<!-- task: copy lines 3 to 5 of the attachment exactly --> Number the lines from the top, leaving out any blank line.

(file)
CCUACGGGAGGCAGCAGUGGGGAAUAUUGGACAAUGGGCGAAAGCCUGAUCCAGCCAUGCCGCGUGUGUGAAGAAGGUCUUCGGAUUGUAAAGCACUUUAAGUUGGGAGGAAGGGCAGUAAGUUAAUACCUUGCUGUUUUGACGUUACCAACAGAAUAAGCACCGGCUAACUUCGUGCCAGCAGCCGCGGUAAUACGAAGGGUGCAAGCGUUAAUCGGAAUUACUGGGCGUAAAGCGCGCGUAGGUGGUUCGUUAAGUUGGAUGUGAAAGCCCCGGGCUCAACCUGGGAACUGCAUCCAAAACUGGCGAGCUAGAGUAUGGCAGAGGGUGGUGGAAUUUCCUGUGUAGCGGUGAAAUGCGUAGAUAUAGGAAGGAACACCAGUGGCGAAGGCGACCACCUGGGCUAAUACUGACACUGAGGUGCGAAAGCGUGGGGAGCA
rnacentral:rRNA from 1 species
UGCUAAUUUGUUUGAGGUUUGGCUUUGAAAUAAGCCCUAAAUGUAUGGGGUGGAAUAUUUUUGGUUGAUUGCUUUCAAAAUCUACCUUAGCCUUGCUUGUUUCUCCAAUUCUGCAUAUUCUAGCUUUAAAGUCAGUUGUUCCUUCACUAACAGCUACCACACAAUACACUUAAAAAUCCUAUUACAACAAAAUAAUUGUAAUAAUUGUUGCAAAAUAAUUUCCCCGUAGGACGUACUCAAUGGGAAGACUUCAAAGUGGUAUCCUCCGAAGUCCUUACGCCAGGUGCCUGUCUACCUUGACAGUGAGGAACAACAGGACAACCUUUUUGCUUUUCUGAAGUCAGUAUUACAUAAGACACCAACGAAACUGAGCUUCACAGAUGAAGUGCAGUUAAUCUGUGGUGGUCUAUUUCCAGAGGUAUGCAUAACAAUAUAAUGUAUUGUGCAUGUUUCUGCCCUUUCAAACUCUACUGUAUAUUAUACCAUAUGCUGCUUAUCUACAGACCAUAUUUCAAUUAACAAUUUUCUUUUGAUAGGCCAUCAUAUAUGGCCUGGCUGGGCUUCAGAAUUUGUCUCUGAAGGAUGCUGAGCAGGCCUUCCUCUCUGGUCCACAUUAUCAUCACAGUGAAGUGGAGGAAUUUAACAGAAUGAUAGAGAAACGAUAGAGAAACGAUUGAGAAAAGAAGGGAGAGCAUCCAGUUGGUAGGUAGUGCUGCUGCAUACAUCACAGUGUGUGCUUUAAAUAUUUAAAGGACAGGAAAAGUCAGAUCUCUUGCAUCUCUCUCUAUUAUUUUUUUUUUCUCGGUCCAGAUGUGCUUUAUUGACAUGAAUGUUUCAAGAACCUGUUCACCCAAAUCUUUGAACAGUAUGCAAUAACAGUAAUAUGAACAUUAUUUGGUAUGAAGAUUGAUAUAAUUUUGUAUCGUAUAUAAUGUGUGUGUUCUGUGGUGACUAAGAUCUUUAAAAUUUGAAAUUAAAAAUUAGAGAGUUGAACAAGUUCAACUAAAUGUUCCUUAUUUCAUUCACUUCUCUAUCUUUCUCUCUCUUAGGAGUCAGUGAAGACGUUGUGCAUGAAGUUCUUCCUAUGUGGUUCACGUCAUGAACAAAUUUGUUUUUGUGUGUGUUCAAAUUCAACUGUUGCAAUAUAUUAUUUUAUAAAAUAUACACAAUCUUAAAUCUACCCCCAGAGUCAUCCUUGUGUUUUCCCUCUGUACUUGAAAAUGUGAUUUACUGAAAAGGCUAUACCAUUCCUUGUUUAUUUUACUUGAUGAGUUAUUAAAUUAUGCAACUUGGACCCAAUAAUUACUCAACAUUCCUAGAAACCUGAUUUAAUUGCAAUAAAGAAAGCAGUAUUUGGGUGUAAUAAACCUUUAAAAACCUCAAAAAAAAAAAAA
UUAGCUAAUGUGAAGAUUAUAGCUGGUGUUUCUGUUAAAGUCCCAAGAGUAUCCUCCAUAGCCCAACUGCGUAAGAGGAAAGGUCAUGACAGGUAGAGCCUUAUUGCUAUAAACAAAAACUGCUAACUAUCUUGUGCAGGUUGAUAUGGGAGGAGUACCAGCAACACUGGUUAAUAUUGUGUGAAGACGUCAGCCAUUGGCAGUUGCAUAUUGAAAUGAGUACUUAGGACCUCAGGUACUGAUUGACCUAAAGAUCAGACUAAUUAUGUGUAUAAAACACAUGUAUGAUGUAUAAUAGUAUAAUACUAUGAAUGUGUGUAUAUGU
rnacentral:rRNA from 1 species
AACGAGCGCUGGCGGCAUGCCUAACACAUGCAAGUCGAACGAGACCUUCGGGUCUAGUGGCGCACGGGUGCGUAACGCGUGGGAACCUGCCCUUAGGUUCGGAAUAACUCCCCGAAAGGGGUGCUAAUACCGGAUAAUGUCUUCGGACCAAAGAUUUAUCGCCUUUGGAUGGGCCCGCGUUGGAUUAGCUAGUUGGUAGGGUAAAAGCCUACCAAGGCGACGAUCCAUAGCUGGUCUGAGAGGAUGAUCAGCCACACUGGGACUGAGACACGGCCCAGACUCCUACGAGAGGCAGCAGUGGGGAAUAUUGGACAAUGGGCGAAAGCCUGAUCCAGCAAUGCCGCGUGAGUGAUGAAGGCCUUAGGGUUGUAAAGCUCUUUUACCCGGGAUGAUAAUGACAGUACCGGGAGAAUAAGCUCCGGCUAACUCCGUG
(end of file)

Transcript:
UGCUAAUUUGUUUGAGGUUUGGCUUUGAAAUAAGCCCUAAAUGUAUGGGGUGGAAUAUUUUUGGUUGAUUGCUUUCAAAAUCUACCUUAGCCUUGCUUGUUUCUCCAAUUCUGCAUAUUCUAGCUUUAAAGUCAGUUGUUCCUUCACUAACAGCUACCACACAAUACACUUAAAAAUCCUAUUACAACAAAAUAAUUGUAAUAAUUGUUGCAAAAUAAUUUCCCCGUAGGACGUACUCAAUGGGAAGACUUCAAAGUGGUAUCCUCCGAAGUCCUUACGCCAGGUGCCUGUCUACCUUGACAGUGAGGAACAACAGGACAACCUUUUUGCUUUUCUGAAGUCAGUAUUACAUAAGACACCAACGAAACUGAGCUUCACAGAUGAAGUGCAGUUAAUCUGUGGUGGUCUAUUUCCAGAGGUAUGCAUAACAAUAUAAUGUAUUGUGCAUGUUUCUGCCCUUUCAAACUCUACUGUAUAUUAUACCAUAUGCUGCUUAUCUACAGACCAUAUUUCAAUUAACAAUUUUCUUUUGAUAGGCCAUCAUAUAUGGCCUGGCUGGGCUUCAGAAUUUGUCUCUGAAGGAUGCUGAGCAGGCCUUCCUCUCUGGUCCACAUUAUCAUCACAGUGAAGUGGAGGAAUUUAACAGAAUGAUAGAGAAACGAUAGAGAAACGAUUGAGAAAAGAAGGGAGAGCAUCCAGUUGGUAGGUAGUGCUGCUGCAUACAUCACAGUGUGUGCUUUAAAUAUUUAAAGGACAGGAAAAGUCAGAUCUCUUGCAUCUCUCUCUAUUAUUUUUUUUUUCUCGGUCCAGAUGUGCUUUAUUGACAUGAAUGUUUCAAGAACCUGUUCACCCAAAUCUUUGAACAGUAUGCAAUAACAGUAAUAUGAACAUUAUUUGGUAUGAAGAUUGAUAUAAUUUUGUAUCGUAUAUAAUGUGUGUGUUCUGUGGUGACUAAGAUCUUUAAAAUUUGAAAUUAAAAAUUAGAGAGUUGAACAAGUUCAACUAAAUGUUCCUUAUUUCAUUCACUUCUCUAUCUUUCUCUCUCUUAGGAGUCAGUGAAGACGUUGUGCAUGAAGUUCUUCCUAUGUGGUUCACGUCAUGAACAAAUUUGUUUUUGUGUGUGUUCAAAUUCAACUGUUGCAAUAUAUUAUUUUAUAAAAUAUACACAAUCUUAAAUCUACCCCCAGAGUCAUCCUUGUGUUUUCCCUCUGUACUUGAAAAUGUGAUUUACUGAAAAGGCUAUACCAUUCCUUGUUUAUUUUACUUGAUGAGUUAUUAAAUUAUGCAACUUGGACCCAAUAAUUACUCAACAUUCCUAGAAACCUGAUUUAAUUGCAAUAAAGAAAGCAGUAUUUGGGUGUAAUAAACCUUUAAAAACCUCAAAAAAAAAAAAA
UUAGCUAAUGUGAAGAUUAUAGCUGGUGUUUCUGUUAAAGUCCCAAGAGUAUCCUCCAUAGCCCAACUGCGUAAGAGGAAAGGUCAUGACAGGUAGAGCCUUAUUGCUAUAAACAAAAACUGCUAACUAUCUUGUGCAGGUUGAUAUGGGAGGAGUACCAGCAACACUGGUUAAUAUUGUGUGAAGACGUCAGCCAUUGGCAGUUGCAUAUUGAAAUGAGUACUUAGGACCUCAGGUACUGAUUGACCUAAAGAUCAGACUAAUUAUGUGUAUAAAACACAUGUAUGAUGUAUAAUAGUAUAAUACUAUGAAUGUGUGUAUAUGU
rnacentral:rRNA from 1 species